Colorado-based company with hemp and CBD operations in Colorado, Oregon, and Kentucky.

“We are choosing to close our pop up shops in Denver and Miami. We have implemented social distancing through a remote working policy. … We feel confident that we will continue to supply and ship to meet the demand of our most vulnerable consumers. We will continue to monitor the situation and will take actions that we determine are in the best interests of our employees, customers, partners, suppliers, and stakeholders.”

Curaleaf (Tracy Brady, VP of corporate communications)

Massachusetts-based company with operations across the US.

“Right now our dispensaries remain open to serve patients but we are closely monitoring guidelines and regulations in each state, as the situation continues to evolve rapidly. We are making changes and adjustments state by state as soon as we can implement them; for example, we are encouraging mobile ordering and express pickup and delivery in the markets where those services are available, and where they aren’t we are working to determine if we can make those services available; we are also working on making adjustments to our retail facilities (open hours, appointment ordering and pickup and limiting number of patients in waiting areas, staffing two teams, etc.).”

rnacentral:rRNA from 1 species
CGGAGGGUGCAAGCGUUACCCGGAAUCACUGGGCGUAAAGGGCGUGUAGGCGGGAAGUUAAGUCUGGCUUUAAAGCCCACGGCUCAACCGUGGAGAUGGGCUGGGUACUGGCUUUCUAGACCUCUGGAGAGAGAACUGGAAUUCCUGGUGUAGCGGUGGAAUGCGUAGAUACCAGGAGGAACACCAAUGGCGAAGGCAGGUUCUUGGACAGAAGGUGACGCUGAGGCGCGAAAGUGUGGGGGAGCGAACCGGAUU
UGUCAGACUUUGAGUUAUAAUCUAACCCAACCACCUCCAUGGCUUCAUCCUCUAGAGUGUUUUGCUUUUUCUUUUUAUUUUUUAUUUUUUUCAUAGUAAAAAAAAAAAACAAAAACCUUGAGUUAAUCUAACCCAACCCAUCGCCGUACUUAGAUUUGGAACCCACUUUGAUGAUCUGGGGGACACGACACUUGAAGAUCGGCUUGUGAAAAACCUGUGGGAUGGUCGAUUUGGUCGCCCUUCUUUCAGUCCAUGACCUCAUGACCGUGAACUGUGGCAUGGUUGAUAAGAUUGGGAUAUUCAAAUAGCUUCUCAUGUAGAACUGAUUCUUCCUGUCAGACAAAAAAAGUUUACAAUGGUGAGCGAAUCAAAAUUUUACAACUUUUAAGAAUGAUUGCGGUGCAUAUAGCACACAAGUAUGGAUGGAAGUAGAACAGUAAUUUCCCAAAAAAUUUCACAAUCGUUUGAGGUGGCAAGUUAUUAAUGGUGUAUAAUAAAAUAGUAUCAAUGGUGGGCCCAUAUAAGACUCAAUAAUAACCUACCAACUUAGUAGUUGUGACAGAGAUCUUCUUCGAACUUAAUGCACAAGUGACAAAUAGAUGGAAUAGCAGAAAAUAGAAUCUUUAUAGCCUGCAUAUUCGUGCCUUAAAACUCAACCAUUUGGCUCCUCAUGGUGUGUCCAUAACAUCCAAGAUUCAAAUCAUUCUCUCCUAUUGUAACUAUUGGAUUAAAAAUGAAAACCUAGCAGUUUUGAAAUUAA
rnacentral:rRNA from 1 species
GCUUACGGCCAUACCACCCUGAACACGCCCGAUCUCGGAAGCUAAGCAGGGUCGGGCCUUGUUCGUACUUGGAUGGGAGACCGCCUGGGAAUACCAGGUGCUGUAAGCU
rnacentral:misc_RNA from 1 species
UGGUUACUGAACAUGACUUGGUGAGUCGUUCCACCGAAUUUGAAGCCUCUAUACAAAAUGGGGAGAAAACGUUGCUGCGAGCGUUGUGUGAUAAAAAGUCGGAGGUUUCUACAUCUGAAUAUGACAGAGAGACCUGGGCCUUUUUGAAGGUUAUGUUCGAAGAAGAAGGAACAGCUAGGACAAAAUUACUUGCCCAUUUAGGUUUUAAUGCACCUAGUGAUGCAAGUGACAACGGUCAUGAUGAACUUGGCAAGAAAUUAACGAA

Harvest Health & Recreation (Alex Howe, head of corporate communications)

Arizona-based company with operations across the US.

“Across the country, local and state governments have determined that all medical support and essential service providers like Harvest should remain open to best support patients through this trying time. As a medical provider to patients who rely on our products to treat various conditions we have made the decision to continue serving in this time of need.”

The company has “taken a number of steps to help protect our patients and employees during the Covid-19 outbreak,” including allowing employees who might have been exposed to “utilize work from home options when available, Paid Time Off and other benefit policies to assist with sustaining their incomes,” and requiring “all employees avoid nonessential business travel and all travel to countries designated high risk by the CDC.”

As for “assisting with social distancing/e-commerce,” the company is “evaluating the minimum number of employees to safely and securely staff our facilities, ramping up online, curbside delivery, pre-order and delivery options, limiting the number of visitors in each store at one time and shifted a significant number of employees to work from home.”